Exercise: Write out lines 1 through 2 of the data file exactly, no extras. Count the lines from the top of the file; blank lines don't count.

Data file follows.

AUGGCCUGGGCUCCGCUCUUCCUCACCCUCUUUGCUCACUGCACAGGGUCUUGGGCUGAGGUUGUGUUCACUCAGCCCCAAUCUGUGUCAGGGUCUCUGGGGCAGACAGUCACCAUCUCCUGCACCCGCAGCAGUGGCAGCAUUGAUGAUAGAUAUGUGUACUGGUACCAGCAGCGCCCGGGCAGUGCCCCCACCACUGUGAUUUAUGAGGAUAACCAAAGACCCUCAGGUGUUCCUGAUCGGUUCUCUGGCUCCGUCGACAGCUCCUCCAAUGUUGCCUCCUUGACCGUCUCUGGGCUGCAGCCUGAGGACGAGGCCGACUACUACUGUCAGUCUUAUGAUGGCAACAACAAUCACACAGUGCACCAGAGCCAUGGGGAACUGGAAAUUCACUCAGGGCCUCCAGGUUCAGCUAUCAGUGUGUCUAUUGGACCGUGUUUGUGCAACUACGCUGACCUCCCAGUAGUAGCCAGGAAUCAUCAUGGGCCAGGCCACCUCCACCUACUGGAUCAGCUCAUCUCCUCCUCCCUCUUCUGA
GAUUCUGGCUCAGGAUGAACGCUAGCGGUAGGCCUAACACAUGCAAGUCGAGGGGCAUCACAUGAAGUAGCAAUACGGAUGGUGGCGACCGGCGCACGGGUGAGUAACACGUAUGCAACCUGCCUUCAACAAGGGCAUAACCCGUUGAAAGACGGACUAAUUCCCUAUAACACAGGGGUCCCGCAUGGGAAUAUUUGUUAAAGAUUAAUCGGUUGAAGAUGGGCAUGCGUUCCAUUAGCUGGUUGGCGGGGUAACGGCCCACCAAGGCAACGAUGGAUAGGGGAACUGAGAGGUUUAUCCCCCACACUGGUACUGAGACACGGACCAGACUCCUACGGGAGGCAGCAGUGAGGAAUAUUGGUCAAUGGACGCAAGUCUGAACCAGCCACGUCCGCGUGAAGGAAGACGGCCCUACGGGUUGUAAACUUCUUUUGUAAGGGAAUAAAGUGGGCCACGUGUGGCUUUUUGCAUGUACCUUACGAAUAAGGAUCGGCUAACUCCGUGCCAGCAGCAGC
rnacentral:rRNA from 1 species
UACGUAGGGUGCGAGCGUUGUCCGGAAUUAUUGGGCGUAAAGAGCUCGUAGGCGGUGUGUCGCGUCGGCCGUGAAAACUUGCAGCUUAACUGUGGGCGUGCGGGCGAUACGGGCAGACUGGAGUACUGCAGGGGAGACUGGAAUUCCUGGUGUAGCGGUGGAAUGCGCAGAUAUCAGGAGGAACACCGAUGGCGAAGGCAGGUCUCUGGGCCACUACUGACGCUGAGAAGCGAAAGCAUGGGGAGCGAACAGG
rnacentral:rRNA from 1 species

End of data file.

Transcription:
AUGGCCUGGGCUCCGCUCUUCCUCACCCUCUUUGCUCACUGCACAGGGUCUUGGGCUGAGGUUGUGUUCACUCAGCCCCAAUCUGUGUCAGGGUCUCUGGGGCAGACAGUCACCAUCUCCUGCACCCGCAGCAGUGGCAGCAUUGAUGAUAGAUAUGUGUACUGGUACCAGCAGCGCCCGGGCAGUGCCCCCACCACUGUGAUUUAUGAGGAUAACCAAAGACCCUCAGGUGUUCCUGAUCGGUUCUCUGGCUCCGUCGACAGCUCCUCCAAUGUUGCCUCCUUGACCGUCUCUGGGCUGCAGCCUGAGGACGAGGCCGACUACUACUGUCAGUCUUAUGAUGGCAACAACAAUCACACAGUGCACCAGAGCCAUGGGGAACUGGAAAUUCACUCAGGGCCUCCAGGUUCAGCUAUCAGUGUGUCUAUUGGACCGUGUUUGUGCAACUACGCUGACCUCCCAGUAGUAGCCAGGAAUCAUCAUGGGCCAGGCCACCUCCACCUACUGGAUCAGCUCAUCUCCUCCUCCCUCUUCUGA
GAUUCUGGCUCAGGAUGAACGCUAGCGGUAGGCCUAACACAUGCAAGUCGAGGGGCAUCACAUGAAGUAGCAAUACGGAUGGUGGCGACCGGCGCACGGGUGAGUAACACGUAUGCAACCUGCCUUCAACAAGGGCAUAACCCGUUGAAAGACGGACUAAUUCCCUAUAACACAGGGGUCCCGCAUGGGAAUAUUUGUUAAAGAUUAAUCGGUUGAAGAUGGGCAUGCGUUCCAUUAGCUGGUUGGCGGGGUAACGGCCCACCAAGGCAACGAUGGAUAGGGGAACUGAGAGGUUUAUCCCCCACACUGGUACUGAGACACGGACCAGACUCCUACGGGAGGCAGCAGUGAGGAAUAUUGGUCAAUGGACGCAAGUCUGAACCAGCCACGUCCGCGUGAAGGAAGACGGCCCUACGGGUUGUAAACUUCUUUUGUAAGGGAAUAAAGUGGGCCACGUGUGGCUUUUUGCAUGUACCUUACGAAUAAGGAUCGGCUAACUCCGUGCCAGCAGCAGC